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HomeminewsAK’s Easily Modified Risk Factors Confirmed

AK’s Easily Modified Risk Factors Confirmed

A study has concluded that compared to daily disposable (DD) contact lenses (CL), daily wear (DW) reusable CLs have a 3.9-fold higher risk of Acanthamoeba keratitis (AK) – the rare, vision threatening, parasitic infection, most often seen in CL wearers.

The study also identified five avoidable AK risk factors for DD lens users that can easily be communicated to patients.

Led by Scientia Associate Professor Nicole Carnt, and published in the United States journal, Ophthalmology, the study was designed to establish whether DD CL wear is protective for the development of AK compared to DW CL wear, and to identify risk factors for AK that are unique to DD users.

Interestingly the study found white British ethnicity was associated with a five-fold higher risk of AK

CL use is the principal cause of microbial keratitis (MK) – an infection on the cornea – in otherwise healthy eyes of people living in major economies. AK accounts for approximately 50% of the MK cases that result in sight loss, and as such, substantially impacts on quality of life and costs to the healthcare system.

Whether due to convenience or the reduced risk of MK compared to DW wear, DD lens wear is increasingly popular, and now accounts for over half the lenses fitted in some countries (60% in Australia in 2020). Despite the advent of new lens materials and (DD) lenses, the incidence of MK has remained unchanged at 2–4 per 10,000 over many decades of whom 0.2–0.6 per 10,000 will have sight loss. This is most likely due to contact lens behaviour – unlike bacterial keratitis in CL users, 90% of AK cases are associated with avoidable risks, making awareness key to maintaining eye health within this population.


The case control study was conducted in the southeast of the United Kingdom. Cases were DD and DW users, diagnosed with AK and either referred or self-referred to an Accident and Emergency (A&E) Department identified from an audit of hospital records from January 2011 until February 2013, and prospectively thereafter until August 2014.

Controls, recruited prospectively from February 2014 to June 2015, were also DW reusable or DD CL users. However, they had attended A&E as new patients with a disorder thought to be unrelated to CL wear.

All participants were asked to complete a questionnaire on their contact lens wear history, disinfectant solution history, lens use environment, eye care and demographics. Cases were asked to provide additional information on events leading up to their episode of keratitis.


The study identified DD CLs as protective for AK compared to both reusable soft and rigid lenses, with the population attributable risk percentage suggesting that approximately 30–62% of AK could be prevented by switching from reusable soft to DD lens use.

Additionally, five modifiable factors were identified that increased risk for AK in users of DD lens users:

  • Showering while wearing lenses – contaminated sea, lake, swimming pool, and domestic water has long been associated with AK.
  • Lens reuse – a lack of disinfection and/or the use of non-sterile liquid to maintain lens hydration.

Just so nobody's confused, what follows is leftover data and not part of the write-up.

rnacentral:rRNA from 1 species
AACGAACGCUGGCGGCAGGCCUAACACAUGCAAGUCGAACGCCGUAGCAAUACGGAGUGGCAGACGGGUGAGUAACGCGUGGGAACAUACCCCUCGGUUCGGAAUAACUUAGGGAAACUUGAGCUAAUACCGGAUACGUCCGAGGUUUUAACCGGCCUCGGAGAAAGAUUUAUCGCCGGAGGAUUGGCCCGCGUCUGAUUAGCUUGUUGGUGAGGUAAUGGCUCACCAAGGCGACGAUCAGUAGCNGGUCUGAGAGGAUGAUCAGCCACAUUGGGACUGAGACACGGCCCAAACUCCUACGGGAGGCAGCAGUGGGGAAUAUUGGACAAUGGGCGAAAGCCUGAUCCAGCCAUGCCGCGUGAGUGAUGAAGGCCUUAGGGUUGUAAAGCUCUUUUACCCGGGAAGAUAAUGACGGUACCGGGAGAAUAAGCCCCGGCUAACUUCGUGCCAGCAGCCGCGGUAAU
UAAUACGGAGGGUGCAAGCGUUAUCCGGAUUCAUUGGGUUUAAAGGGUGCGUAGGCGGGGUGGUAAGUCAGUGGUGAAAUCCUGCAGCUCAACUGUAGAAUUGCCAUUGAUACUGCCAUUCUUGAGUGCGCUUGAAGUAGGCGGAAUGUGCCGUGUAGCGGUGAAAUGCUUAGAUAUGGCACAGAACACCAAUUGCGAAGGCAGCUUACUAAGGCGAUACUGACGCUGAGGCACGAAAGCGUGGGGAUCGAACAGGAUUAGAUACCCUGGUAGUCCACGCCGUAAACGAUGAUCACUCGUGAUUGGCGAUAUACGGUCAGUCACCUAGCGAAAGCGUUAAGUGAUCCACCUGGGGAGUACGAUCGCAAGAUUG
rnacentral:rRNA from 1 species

• Overnight wear – while bacterial keratitis has commonly been recognised as a risk factor among reusable soft and DD lens wearers, prior to this study, it had not been associated with AK.
  • Shorter wearing times – wearing DD lenses for 12–18 hours per day was protective for AK versus shorter periods; perhaps because of the increased risk of corneal infiltrates associated with overnight lens wear as well as factors like dry eye and microtrauma due to difficulty with insertion and removal.
  • Infrequent appointments with an eye care professional (ECP) – poor, or no aftercare instruction (the latter often associated with CLs purchased online), can negatively impact healthy contact lens wear behaviour.

Interestingly the study found white British ethnicity was associated with a five-fold higher risk of AK. The authors attributed this unmodifiable risk factor as possibly being related to cultural differences such as a greater risk-taking propensity.

Assoc Prof Carnt said ongoing research into AK is vital to protect the eye health of all contact lens wearers.

“While AK is rare, it is a devastating disease that we have shown halves the vision related quality of life of contact lens wearers. Just by avoiding water, using contact lenses in DD or DW lenses can halve the number of cases of AK, yet most contact lens wearers do not realise water exposure is a risk factor for AK and all other forms of keratitis also. Optometrists play a key role in educating wearers about healthy contact lens wear and it is vital that that we take a proactive role in this area of practice.

“As a rare eye disease, it is difficult to secure funding to continue research into AK. A strong AK patient network has worked with Fight for Sight charity in the United Kingdom to raise much needed funds, but more is required. If individuals or companies are interested in donating time or funds to assist this research, please contact me at: [email protected].”


Carnt N, Minassian DC, Dart JKG, Acanthamoeba keratitis risk factors for daily wear contact lens users: a case control study, Ophthalmology (2022), doi: https://doi.org/10.1016/j. ophtha.2022.08.002.